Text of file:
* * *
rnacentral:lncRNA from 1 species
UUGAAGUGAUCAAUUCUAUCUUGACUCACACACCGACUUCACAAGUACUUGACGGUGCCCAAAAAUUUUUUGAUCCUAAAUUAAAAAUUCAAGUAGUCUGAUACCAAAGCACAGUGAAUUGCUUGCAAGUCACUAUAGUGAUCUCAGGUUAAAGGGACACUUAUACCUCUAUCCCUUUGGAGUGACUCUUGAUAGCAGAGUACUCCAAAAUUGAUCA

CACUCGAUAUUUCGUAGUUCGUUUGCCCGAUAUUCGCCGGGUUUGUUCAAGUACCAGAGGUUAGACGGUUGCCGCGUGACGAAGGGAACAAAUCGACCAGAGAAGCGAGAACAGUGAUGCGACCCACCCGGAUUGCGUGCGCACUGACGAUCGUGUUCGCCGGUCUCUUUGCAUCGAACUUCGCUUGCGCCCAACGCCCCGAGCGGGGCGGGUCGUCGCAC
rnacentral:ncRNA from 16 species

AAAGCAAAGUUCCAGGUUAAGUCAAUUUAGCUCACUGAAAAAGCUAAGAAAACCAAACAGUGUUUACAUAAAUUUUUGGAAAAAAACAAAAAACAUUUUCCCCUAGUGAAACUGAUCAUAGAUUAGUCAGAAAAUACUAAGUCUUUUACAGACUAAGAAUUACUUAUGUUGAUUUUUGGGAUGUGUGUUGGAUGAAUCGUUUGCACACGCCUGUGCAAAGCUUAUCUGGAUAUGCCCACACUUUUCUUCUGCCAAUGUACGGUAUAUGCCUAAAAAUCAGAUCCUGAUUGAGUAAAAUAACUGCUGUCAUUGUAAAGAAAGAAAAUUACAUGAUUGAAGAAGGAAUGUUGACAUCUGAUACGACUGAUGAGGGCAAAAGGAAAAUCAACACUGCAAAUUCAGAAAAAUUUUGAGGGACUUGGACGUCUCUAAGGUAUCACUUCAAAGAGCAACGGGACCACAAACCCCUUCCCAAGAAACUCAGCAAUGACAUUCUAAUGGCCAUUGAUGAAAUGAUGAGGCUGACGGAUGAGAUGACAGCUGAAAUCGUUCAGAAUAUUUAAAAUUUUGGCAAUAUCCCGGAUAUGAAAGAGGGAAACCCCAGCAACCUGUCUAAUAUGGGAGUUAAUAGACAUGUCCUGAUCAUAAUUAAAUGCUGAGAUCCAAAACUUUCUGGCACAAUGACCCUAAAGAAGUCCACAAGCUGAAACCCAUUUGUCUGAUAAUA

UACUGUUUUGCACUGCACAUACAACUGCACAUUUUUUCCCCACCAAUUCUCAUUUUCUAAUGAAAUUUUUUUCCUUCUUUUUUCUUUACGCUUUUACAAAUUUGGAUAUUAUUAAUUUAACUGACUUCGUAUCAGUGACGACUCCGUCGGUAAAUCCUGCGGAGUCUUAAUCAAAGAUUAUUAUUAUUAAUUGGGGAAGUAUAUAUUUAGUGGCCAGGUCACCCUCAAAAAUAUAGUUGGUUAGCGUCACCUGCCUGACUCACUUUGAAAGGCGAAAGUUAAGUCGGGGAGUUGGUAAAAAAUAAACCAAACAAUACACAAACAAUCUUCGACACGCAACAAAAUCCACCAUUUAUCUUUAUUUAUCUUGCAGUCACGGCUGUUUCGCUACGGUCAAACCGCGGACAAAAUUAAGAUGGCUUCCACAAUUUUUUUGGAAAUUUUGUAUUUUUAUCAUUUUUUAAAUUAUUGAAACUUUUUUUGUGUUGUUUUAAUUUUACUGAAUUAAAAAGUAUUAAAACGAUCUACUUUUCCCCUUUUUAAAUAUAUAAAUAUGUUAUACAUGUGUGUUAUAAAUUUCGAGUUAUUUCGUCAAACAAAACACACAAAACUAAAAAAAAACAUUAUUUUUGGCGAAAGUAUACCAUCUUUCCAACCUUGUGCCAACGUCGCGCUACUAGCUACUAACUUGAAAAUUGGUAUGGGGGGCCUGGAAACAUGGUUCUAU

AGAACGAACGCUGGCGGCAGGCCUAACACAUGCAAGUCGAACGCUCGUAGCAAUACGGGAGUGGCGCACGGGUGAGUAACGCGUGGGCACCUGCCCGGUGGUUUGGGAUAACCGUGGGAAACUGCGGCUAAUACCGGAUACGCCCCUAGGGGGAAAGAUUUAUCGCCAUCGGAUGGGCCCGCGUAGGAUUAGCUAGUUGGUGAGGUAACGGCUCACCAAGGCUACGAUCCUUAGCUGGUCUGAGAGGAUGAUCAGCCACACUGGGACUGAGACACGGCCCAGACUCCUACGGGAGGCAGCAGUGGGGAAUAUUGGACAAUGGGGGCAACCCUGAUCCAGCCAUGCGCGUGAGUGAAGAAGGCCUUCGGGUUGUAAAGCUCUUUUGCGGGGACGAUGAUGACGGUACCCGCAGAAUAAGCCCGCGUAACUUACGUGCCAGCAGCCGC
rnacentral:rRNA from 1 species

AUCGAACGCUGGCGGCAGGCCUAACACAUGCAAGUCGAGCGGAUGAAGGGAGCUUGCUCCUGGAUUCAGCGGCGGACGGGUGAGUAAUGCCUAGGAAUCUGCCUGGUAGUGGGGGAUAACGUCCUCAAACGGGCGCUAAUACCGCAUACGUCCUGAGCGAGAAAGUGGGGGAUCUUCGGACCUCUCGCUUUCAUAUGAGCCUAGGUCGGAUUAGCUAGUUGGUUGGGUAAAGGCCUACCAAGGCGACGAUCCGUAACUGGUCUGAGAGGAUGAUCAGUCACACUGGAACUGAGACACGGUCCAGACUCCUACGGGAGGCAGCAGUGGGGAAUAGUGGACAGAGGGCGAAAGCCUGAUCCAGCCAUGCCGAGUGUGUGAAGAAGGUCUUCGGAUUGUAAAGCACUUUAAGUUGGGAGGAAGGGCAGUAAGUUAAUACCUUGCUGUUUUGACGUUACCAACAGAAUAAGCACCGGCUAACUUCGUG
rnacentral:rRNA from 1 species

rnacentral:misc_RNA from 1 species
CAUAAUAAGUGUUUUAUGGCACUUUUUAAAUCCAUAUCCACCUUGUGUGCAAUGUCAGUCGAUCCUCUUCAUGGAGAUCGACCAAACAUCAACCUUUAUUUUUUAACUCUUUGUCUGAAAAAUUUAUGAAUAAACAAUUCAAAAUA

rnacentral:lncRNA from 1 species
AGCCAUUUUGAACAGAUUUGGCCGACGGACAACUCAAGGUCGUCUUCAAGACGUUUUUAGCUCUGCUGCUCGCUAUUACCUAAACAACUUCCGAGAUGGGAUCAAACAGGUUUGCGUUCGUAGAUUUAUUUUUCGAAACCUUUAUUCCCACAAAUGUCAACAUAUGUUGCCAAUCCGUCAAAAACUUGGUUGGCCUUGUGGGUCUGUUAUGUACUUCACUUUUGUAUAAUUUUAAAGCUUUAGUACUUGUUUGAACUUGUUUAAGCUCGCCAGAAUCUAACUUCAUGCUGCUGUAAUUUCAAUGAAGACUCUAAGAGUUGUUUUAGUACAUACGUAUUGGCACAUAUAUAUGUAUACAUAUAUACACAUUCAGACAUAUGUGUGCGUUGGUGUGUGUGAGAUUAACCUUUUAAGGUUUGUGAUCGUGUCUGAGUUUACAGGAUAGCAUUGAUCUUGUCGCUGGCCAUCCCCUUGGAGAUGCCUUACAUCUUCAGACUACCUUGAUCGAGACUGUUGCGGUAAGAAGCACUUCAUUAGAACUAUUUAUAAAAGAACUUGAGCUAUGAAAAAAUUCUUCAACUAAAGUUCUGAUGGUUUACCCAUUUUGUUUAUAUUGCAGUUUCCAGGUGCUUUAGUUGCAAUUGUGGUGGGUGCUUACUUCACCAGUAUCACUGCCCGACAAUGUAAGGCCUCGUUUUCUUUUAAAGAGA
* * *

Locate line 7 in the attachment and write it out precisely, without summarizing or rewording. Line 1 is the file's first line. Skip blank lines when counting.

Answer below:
AGAACGAACGCUGGCGGCAGGCCUAACACAUGCAAGUCGAACGCUCGUAGCAAUACGGGAGUGGCGCACGGGUGAGUAACGCGUGGGCACCUGCCCGGUGGUUUGGGAUAACCGUGGGAAACUGCGGCUAAUACCGGAUACGCCCCUAGGGGGAAAGAUUUAUCGCCAUCGGAUGGGCCCGCGUAGGAUUAGCUAGUUGGUGAGGUAACGGCUCACCAAGGCUACGAUCCUUAGCUGGUCUGAGAGGAUGAUCAGCCACACUGGGACUGAGACACGGCCCAGACUCCUACGGGAGGCAGCAGUGGGGAAUAUUGGACAAUGGGGGCAACCCUGAUCCAGCCAUGCGCGUGAGUGAAGAAGGCCUUCGGGUUGUAAAGCUCUUUUGCGGGGACGAUGAUGACGGUACCCGCAGAAUAAGCCCGCGUAACUUACGUGCCAGCAGCCGC